Focus on real issues
Without much effort, we can name five real questions that presidential candidates of any political party should spend time answering while they are on the 2020 campaign trail.
1. Even with Obamacare in place, thousands of Americans still have no health insurance at all, or have insurance that doesn’t serve them very well. How do you propose to fix this?
2. How do we ensure the solvency of Social Security in the years and decades ahead as more Americans continue to retire?
3. Do you support an eventual full ban on the extraction and/or use of coal, oil and natural gas in the U.S.? If so, how do we meet ever-increasing global energy needs?
4. As our nation continues adapting to the realities of the 21st century economy, specifically further globalization and automation as it relates to physical labor, how do we create living-wage jobs for those who lack bachelor’s degrees?
5. How do we reach the point at which poor white people in Appalachia are not blaming poor African-Americans and Latinos in places such as Chicago for their problems, and vice versa?
We could easily continue, but you probably get the idea.
Despite these obvious problems, several Democratic presidential candidates – along with some Democrats in Congress and in the media – continue pounding the drum of abolishing the Electoral College. This is a complete waste of time for multiple reasons, but the most obvious is there is no chance the 2020 election will be contested by a popular vote.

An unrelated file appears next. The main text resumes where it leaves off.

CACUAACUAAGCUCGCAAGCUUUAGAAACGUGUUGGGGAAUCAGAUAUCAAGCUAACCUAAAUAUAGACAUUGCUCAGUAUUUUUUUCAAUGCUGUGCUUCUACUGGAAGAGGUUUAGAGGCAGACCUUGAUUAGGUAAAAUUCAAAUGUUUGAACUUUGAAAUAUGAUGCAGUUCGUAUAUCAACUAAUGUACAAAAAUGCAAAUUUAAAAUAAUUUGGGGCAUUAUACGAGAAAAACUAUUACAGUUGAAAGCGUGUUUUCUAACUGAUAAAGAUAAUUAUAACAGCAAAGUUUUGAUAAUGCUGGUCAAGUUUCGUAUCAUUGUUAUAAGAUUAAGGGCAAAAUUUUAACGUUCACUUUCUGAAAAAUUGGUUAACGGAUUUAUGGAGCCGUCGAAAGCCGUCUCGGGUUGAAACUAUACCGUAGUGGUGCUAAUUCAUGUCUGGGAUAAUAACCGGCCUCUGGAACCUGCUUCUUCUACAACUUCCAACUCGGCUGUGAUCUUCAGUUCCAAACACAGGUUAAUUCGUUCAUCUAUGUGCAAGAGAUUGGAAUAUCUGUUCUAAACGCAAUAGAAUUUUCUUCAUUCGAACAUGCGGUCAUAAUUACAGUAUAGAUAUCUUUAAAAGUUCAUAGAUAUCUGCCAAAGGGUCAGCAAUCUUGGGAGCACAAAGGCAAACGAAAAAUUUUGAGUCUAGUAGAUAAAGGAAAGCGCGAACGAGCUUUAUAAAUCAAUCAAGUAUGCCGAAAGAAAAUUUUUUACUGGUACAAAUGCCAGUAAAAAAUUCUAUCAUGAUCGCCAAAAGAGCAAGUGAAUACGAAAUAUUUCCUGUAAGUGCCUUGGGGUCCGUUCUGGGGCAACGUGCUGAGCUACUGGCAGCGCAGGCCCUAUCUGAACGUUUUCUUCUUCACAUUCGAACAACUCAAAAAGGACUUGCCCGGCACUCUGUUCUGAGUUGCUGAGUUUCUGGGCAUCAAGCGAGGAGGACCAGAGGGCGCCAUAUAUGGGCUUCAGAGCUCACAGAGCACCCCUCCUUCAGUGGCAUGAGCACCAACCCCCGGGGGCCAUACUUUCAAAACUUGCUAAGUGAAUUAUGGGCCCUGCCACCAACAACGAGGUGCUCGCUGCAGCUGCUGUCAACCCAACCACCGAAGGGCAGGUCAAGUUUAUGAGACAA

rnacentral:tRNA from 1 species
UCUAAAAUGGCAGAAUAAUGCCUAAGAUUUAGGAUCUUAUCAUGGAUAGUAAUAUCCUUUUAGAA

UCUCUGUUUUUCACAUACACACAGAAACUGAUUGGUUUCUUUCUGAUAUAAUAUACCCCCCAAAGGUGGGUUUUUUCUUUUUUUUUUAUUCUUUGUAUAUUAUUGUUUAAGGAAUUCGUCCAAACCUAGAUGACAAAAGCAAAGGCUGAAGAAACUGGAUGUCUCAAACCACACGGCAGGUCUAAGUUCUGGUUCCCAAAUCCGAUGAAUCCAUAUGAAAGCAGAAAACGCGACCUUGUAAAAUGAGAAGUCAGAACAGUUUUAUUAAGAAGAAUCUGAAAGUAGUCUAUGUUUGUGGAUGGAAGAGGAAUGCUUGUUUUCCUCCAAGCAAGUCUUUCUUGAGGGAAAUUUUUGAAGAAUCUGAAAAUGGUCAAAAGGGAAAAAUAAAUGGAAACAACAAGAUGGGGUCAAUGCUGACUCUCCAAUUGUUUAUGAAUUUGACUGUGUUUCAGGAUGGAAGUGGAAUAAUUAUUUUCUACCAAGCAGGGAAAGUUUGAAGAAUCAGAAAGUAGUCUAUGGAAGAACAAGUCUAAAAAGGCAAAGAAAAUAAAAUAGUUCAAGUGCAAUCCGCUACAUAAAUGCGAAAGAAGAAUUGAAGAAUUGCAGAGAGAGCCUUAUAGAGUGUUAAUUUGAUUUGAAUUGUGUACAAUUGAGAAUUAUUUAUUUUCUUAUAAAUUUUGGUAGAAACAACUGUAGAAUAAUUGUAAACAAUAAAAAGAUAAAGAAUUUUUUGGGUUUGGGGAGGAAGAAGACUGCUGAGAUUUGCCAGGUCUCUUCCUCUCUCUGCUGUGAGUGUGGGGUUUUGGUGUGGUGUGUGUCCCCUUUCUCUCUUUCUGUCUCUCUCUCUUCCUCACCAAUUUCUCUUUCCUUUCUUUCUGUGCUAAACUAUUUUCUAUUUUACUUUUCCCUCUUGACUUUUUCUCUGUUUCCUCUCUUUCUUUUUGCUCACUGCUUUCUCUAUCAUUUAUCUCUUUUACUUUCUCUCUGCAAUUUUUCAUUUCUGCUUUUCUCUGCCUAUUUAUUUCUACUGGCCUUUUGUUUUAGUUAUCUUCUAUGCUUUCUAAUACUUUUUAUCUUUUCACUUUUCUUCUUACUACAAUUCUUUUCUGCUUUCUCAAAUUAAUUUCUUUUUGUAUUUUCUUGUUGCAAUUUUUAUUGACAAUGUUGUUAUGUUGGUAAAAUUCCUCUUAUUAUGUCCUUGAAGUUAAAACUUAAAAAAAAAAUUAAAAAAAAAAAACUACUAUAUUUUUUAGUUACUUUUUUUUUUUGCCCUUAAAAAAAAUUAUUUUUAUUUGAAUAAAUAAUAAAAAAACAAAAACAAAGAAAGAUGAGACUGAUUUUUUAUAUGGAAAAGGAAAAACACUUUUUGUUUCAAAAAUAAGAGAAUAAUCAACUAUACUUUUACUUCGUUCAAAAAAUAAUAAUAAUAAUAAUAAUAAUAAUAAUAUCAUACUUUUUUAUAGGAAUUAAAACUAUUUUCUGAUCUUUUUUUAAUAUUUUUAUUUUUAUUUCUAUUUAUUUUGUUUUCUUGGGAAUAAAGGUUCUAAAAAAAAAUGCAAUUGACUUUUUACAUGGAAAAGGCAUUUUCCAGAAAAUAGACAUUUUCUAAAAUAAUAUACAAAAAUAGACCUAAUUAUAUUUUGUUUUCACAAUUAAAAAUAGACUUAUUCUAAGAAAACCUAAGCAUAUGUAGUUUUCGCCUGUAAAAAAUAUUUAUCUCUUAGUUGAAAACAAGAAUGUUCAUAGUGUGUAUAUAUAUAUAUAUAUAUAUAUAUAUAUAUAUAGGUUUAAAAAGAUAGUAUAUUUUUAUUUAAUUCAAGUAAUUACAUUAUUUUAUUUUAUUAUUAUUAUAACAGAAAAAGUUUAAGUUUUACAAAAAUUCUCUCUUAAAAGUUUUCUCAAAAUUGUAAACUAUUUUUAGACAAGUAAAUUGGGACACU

Because the Electoral College is specifically part of the Constitution, the only way to end it is to pass a constitutional amendment. According to the U.S. National Archives and Records Administration, the Constitution provides that an amendment may be proposed either by the Congress with a two-thirds majority vote in BOTH the House of Representatives and the Senate, or by a constitutional convention called for by two-thirds of the state legislatures.
At this point, it is unlikely half the Senate would vote to eliminate the Electoral College, much less two-thirds. This is also true of the 50 individual state legislatures.
Therefore, the 2020 presidential election will be contested the same way it has since the days of President George Washington. Democrats should accept this and do their best to win, just as they did as recently as 2012.